It was a powerful opportunity to step outside of my world and into relationship with God, and the more I practiced this the more I felt God’s presence with me throughout my day.

 

 

Why others should try this, too

Anyone who wants to deepen their own relationship with God should try setting up a prayer cycle, or some variation. Episcopalians, like me, are especially welcome to use my model, and those of other denominations or faiths I’m sure can cultivate their own practices.

 

And in terms of our relationships to each other across lines of difference, anyone hoping to learn more about Muslim Americans would benefit from this as well, as there’s no deeper empathy than through genuine practice and understanding.

 


 

Kate Chance is the community engagement manager for Islamic Networks Group, a nonprofit organization with affiliates and partners around the country that are pursuing peace and countering all forms of bigotry.

0 0 vote
Article Rating
Facebooktwitterpinterestlinkedinmail

Café Comments?

Our comment policy requires that you use your real first and last names and provide an email address (your email will not be published). Comments that use non-PG rated language, include personal attacks, that are not provable as fact or that we deem in any way to be counter to our mission of fostering respectful dialogue will not be posted.

2 Comments
Newest
Oldest Most Voted
Inline Feedbacks
View all comments
Caroline Tysseland

Thanks for this reflection very thoughtful.
I have middle eastern students living with me often and have pondered the prayer times . I am going to explore how I might make this work .

John Lewis

I agree with Kate Chance that “following this schedule is very, very hard.” I can maintain it for maybe a couple of months at a time, then fall into missing one, then two, then a whole series of skipping hours of prayer. I’m not a fan of apps (I can’t read texts on my available devices), so I spend a lot of time flipping pages. I have committed many short prayers to memory, and that helps. I would say it’s better to abbreviate services, to recite the Psalter often enough that the rhythm of each Psalm instills itself in you, and to note that particular prayers have “feeling tones” that can trigger powerful responses–an example for me is the hymn “Phos hilaron,” especially the phrase “You are worthy at all times to be praised by happy voices,” since “happy” adjusts the attitude I assume when praying in stressful times! Above all, let the prayers sink in so that they rise unbidden in the time between canonical hours!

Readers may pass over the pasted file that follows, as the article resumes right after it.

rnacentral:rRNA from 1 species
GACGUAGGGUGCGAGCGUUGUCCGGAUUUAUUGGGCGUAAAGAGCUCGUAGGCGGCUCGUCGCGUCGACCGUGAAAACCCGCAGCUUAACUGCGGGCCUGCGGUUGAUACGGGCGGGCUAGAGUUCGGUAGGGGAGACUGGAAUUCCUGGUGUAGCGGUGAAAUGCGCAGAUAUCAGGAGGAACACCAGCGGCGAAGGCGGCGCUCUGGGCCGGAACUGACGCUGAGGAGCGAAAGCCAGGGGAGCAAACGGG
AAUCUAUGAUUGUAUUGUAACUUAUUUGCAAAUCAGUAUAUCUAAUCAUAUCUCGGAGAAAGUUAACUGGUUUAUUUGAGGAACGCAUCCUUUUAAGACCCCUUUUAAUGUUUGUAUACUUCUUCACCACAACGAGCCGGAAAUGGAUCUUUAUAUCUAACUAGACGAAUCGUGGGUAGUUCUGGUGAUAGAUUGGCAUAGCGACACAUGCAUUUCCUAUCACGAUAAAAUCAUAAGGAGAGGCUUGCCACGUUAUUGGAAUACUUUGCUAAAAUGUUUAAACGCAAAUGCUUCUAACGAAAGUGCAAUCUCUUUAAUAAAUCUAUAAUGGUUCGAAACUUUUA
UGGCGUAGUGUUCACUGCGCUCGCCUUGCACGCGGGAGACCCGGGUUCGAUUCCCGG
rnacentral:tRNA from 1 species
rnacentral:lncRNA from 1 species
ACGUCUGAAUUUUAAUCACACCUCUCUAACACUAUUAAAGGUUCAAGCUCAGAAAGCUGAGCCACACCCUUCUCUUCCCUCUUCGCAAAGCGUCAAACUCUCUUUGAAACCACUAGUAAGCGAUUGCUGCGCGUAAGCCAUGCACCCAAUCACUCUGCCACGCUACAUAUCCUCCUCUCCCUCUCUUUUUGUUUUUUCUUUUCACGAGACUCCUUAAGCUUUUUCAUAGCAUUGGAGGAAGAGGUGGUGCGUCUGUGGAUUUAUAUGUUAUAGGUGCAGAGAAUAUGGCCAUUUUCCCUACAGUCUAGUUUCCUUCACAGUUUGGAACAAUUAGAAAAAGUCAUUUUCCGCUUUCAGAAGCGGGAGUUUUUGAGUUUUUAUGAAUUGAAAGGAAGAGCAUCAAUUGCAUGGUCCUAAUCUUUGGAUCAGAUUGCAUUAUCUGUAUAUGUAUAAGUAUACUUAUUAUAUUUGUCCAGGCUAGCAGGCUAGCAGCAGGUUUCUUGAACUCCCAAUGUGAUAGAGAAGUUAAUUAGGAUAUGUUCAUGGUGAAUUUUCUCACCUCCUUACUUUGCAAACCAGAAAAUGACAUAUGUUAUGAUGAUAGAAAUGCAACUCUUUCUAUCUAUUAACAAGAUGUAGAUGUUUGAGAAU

Facebooktwitterrss
Support the Café
Past Posts
2020_012
2020_013_B
2020_013_A

The Episcopal Café seeks to be an independent voice, reporting and reflecting on the Episcopal Church and the Anglican tradition.  The Café is not a platform of advocacy, but it does aim to tell the story of the church from the perspective of Progressive Christianity.  Our collective sympathy, as the Café, lies with the project of widening the circle of inclusion within the church and empowering all the baptized for the role to which they have been called as followers of Christ.

The opinions expressed at the Café are those of individual contributors, and, unless otherwise noted, should not be interpreted as official statements of a parish, diocese or other organization. The art and articles that appear here remain the property of their creators.

All Content  © 2017 Episcopal Café